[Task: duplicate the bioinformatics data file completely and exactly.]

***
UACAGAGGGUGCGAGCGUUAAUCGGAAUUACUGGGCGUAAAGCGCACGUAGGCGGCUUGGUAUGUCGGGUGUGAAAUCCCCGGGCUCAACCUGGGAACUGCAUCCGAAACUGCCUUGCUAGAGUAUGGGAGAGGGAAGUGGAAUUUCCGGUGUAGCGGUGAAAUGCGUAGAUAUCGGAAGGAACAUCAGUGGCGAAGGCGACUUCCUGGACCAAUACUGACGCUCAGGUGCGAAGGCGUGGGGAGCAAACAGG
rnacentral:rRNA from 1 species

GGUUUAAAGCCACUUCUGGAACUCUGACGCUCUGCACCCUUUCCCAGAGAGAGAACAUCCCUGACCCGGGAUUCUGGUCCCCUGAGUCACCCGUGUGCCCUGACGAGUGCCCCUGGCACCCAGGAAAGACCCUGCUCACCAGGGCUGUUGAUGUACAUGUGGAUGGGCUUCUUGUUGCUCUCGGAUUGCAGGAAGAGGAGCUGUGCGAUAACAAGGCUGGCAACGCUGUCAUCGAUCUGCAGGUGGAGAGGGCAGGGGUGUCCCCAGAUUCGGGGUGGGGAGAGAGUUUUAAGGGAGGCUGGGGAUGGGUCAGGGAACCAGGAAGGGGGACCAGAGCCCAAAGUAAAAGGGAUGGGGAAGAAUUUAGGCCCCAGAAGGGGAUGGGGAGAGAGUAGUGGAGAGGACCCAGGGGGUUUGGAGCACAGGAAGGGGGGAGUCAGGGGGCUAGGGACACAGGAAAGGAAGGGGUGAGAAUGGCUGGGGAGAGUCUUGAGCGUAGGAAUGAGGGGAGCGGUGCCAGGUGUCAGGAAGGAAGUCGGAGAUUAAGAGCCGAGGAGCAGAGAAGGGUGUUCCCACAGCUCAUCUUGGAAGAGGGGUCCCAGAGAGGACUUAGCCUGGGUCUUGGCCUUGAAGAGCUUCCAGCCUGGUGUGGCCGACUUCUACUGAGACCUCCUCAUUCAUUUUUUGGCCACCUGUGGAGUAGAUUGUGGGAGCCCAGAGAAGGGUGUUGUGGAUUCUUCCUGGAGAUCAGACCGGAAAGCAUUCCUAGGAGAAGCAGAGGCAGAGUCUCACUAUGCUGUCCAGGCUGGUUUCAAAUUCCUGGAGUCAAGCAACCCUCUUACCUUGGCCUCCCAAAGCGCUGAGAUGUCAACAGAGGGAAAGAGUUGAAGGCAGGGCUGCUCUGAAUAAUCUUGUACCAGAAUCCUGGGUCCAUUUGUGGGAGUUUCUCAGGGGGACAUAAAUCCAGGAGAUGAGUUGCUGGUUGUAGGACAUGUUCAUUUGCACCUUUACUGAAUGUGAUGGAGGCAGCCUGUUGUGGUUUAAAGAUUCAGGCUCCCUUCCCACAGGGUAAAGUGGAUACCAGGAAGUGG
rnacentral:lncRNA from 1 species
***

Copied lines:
UACAGAGGGUGCGAGCGUUAAUCGGAAUUACUGGGCGUAAAGCGCACGUAGGCGGCUUGGUAUGUCGGGUGUGAAAUCCCCGGGCUCAACCUGGGAACUGCAUCCGAAACUGCCUUGCUAGAGUAUGGGAGAGGGAAGUGGAAUUUCCGGUGUAGCGGUGAAAUGCGUAGAUAUCGGAAGGAACAUCAGUGGCGAAGGCGACUUCCUGGACCAAUACUGACGCUCAGGUGCGAAGGCGUGGGGAGCAAACAGG
rnacentral:rRNA from 1 species

GGUUUAAAGCCACUUCUGGAACUCUGACGCUCUGCACCCUUUCCCAGAGAGAGAACAUCCCUGACCCGGGAUUCUGGUCCCCUGAGUCACCCGUGUGCCCUGACGAGUGCCCCUGGCACCCAGGAAAGACCCUGCUCACCAGGGCUGUUGAUGUACAUGUGGAUGGGCUUCUUGUUGCUCUCGGAUUGCAGGAAGAGGAGCUGUGCGAUAACAAGGCUGGCAACGCUGUCAUCGAUCUGCAGGUGGAGAGGGCAGGGGUGUCCCCAGAUUCGGGGUGGGGAGAGAGUUUUAAGGGAGGCUGGGGAUGGGUCAGGGAACCAGGAAGGGGGACCAGAGCCCAAAGUAAAAGGGAUGGGGAAGAAUUUAGGCCCCAGAAGGGGAUGGGGAGAGAGUAGUGGAGAGGACCCAGGGGGUUUGGAGCACAGGAAGGGGGGAGUCAGGGGGCUAGGGACACAGGAAAGGAAGGGGUGAGAAUGGCUGGGGAGAGUCUUGAGCGUAGGAAUGAGGGGAGCGGUGCCAGGUGUCAGGAAGGAAGUCGGAGAUUAAGAGCCGAGGAGCAGAGAAGGGUGUUCCCACAGCUCAUCUUGGAAGAGGGGUCCCAGAGAGGACUUAGCCUGGGUCUUGGCCUUGAAGAGCUUCCAGCCUGGUGUGGCCGACUUCUACUGAGACCUCCUCAUUCAUUUUUUGGCCACCUGUGGAGUAGAUUGUGGGAGCCCAGAGAAGGGUGUUGUGGAUUCUUCCUGGAGAUCAGACCGGAAAGCAUUCCUAGGAGAAGCAGAGGCAGAGUCUCACUAUGCUGUCCAGGCUGGUUUCAAAUUCCUGGAGUCAAGCAACCCUCUUACCUUGGCCUCCCAAAGCGCUGAGAUGUCAACAGAGGGAAAGAGUUGAAGGCAGGGCUGCUCUGAAUAAUCUUGUACCAGAAUCCUGGGUCCAUUUGUGGGAGUUUCUCAGGGGGACAUAAAUCCAGGAGAUGAGUUGCUGGUUGUAGGACAUGUUCAUUUGCACCUUUACUGAAUGUGAUGGAGGCAGCCUGUUGUGGUUUAAAGAUUCAGGCUCCCUUCCCACAGGGUAAAGUGGAUACCAGGAAGUGG
rnacentral:lncRNA from 1 species